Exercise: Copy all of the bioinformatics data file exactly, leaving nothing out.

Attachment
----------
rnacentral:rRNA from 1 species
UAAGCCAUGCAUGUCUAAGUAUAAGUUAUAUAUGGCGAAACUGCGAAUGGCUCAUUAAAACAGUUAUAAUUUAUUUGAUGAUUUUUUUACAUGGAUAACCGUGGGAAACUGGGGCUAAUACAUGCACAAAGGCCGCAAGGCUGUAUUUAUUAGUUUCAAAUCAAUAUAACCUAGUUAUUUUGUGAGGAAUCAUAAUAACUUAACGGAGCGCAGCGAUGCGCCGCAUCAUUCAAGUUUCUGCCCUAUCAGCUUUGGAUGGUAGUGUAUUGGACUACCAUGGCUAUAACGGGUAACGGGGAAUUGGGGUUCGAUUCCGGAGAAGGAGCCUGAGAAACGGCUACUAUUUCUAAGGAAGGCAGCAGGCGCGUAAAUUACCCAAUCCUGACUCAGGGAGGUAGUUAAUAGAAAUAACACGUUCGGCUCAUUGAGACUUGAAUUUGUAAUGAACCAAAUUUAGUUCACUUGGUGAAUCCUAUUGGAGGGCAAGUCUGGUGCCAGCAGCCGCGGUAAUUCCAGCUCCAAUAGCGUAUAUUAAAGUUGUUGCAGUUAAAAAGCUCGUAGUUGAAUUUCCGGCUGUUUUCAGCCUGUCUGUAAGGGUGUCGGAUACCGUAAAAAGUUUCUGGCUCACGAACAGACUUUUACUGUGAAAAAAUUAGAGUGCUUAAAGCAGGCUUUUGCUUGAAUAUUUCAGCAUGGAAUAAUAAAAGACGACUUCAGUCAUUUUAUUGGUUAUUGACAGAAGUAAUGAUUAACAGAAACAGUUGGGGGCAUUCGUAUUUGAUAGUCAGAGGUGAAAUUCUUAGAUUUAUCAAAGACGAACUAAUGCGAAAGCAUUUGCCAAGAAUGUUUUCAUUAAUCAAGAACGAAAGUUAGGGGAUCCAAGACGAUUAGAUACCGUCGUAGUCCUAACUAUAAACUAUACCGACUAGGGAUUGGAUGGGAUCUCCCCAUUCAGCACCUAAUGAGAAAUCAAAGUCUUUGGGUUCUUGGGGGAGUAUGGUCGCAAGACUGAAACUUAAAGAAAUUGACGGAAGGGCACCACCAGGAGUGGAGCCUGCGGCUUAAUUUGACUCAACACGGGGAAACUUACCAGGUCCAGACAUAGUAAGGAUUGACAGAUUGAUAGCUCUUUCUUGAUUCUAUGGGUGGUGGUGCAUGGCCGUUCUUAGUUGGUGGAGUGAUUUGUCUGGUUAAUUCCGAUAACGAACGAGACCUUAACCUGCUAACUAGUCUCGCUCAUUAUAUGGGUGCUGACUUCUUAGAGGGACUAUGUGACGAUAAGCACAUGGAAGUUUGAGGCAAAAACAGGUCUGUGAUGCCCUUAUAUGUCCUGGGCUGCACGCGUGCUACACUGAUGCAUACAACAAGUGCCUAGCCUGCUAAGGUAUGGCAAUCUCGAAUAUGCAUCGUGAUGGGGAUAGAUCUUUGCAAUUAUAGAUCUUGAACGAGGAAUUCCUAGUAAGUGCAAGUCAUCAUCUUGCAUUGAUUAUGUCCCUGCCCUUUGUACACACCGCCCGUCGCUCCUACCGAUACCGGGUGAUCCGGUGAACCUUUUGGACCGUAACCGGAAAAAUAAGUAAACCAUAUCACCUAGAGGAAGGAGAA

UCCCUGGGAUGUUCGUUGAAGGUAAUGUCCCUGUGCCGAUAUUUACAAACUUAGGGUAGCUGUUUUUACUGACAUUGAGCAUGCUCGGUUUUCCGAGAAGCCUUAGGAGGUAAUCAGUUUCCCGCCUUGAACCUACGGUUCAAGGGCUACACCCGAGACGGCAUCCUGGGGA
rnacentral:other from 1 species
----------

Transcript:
rnacentral:rRNA from 1 species
UAAGCCAUGCAUGUCUAAGUAUAAGUUAUAUAUGGCGAAACUGCGAAUGGCUCAUUAAAACAGUUAUAAUUUAUUUGAUGAUUUUUUUACAUGGAUAACCGUGGGAAACUGGGGCUAAUACAUGCACAAAGGCCGCAAGGCUGUAUUUAUUAGUUUCAAAUCAAUAUAACCUAGUUAUUUUGUGAGGAAUCAUAAUAACUUAACGGAGCGCAGCGAUGCGCCGCAUCAUUCAAGUUUCUGCCCUAUCAGCUUUGGAUGGUAGUGUAUUGGACUACCAUGGCUAUAACGGGUAACGGGGAAUUGGGGUUCGAUUCCGGAGAAGGAGCCUGAGAAACGGCUACUAUUUCUAAGGAAGGCAGCAGGCGCGUAAAUUACCCAAUCCUGACUCAGGGAGGUAGUUAAUAGAAAUAACACGUUCGGCUCAUUGAGACUUGAAUUUGUAAUGAACCAAAUUUAGUUCACUUGGUGAAUCCUAUUGGAGGGCAAGUCUGGUGCCAGCAGCCGCGGUAAUUCCAGCUCCAAUAGCGUAUAUUAAAGUUGUUGCAGUUAAAAAGCUCGUAGUUGAAUUUCCGGCUGUUUUCAGCCUGUCUGUAAGGGUGUCGGAUACCGUAAAAAGUUUCUGGCUCACGAACAGACUUUUACUGUGAAAAAAUUAGAGUGCUUAAAGCAGGCUUUUGCUUGAAUAUUUCAGCAUGGAAUAAUAAAAGACGACUUCAGUCAUUUUAUUGGUUAUUGACAGAAGUAAUGAUUAACAGAAACAGUUGGGGGCAUUCGUAUUUGAUAGUCAGAGGUGAAAUUCUUAGAUUUAUCAAAGACGAACUAAUGCGAAAGCAUUUGCCAAGAAUGUUUUCAUUAAUCAAGAACGAAAGUUAGGGGAUCCAAGACGAUUAGAUACCGUCGUAGUCCUAACUAUAAACUAUACCGACUAGGGAUUGGAUGGGAUCUCCCCAUUCAGCACCUAAUGAGAAAUCAAAGUCUUUGGGUUCUUGGGGGAGUAUGGUCGCAAGACUGAAACUUAAAGAAAUUGACGGAAGGGCACCACCAGGAGUGGAGCCUGCGGCUUAAUUUGACUCAACACGGGGAAACUUACCAGGUCCAGACAUAGUAAGGAUUGACAGAUUGAUAGCUCUUUCUUGAUUCUAUGGGUGGUGGUGCAUGGCCGUUCUUAGUUGGUGGAGUGAUUUGUCUGGUUAAUUCCGAUAACGAACGAGACCUUAACCUGCUAACUAGUCUCGCUCAUUAUAUGGGUGCUGACUUCUUAGAGGGACUAUGUGACGAUAAGCACAUGGAAGUUUGAGGCAAAAACAGGUCUGUGAUGCCCUUAUAUGUCCUGGGCUGCACGCGUGCUACACUGAUGCAUACAACAAGUGCCUAGCCUGCUAAGGUAUGGCAAUCUCGAAUAUGCAUCGUGAUGGGGAUAGAUCUUUGCAAUUAUAGAUCUUGAACGAGGAAUUCCUAGUAAGUGCAAGUCAUCAUCUUGCAUUGAUUAUGUCCCUGCCCUUUGUACACACCGCCCGUCGCUCCUACCGAUACCGGGUGAUCCGGUGAACCUUUUGGACCGUAACCGGAAAAAUAAGUAAACCAUAUCACCUAGAGGAAGGAGAA

UCCCUGGGAUGUUCGUUGAAGGUAAUGUCCCUGUGCCGAUAUUUACAAACUUAGGGUAGCUGUUUUUACUGACAUUGAGCAUGCUCGGUUUUCCGAGAAGCCUUAGGAGGUAAUCAGUUUCCCGCCUUGAACCUACGGUUCAAGGGCUACACCCGAGACGGCAUCCUGGGGA
rnacentral:other from 1 species